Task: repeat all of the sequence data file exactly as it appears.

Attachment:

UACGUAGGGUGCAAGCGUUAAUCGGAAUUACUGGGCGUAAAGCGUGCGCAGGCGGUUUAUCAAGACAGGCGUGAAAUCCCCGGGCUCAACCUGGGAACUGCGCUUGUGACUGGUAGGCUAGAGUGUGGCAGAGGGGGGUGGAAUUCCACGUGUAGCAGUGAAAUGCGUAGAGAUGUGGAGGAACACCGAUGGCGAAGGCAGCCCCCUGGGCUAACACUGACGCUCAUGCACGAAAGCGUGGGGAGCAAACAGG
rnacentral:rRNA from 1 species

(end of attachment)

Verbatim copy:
UACGUAGGGUGCAAGCGUUAAUCGGAAUUACUGGGCGUAAAGCGUGCGCAGGCGGUUUAUCAAGACAGGCGUGAAAUCCCCGGGCUCAACCUGGGAACUGCGCUUGUGACUGGUAGGCUAGAGUGUGGCAGAGGGGGGUGGAAUUCCACGUGUAGCAGUGAAAUGCGUAGAGAUGUGGAGGAACACCGAUGGCGAAGGCAGCCCCCUGGGCUAACACUGACGCUCAUGCACGAAAGCGUGGGGAGCAAACAGG
rnacentral:rRNA from 1 species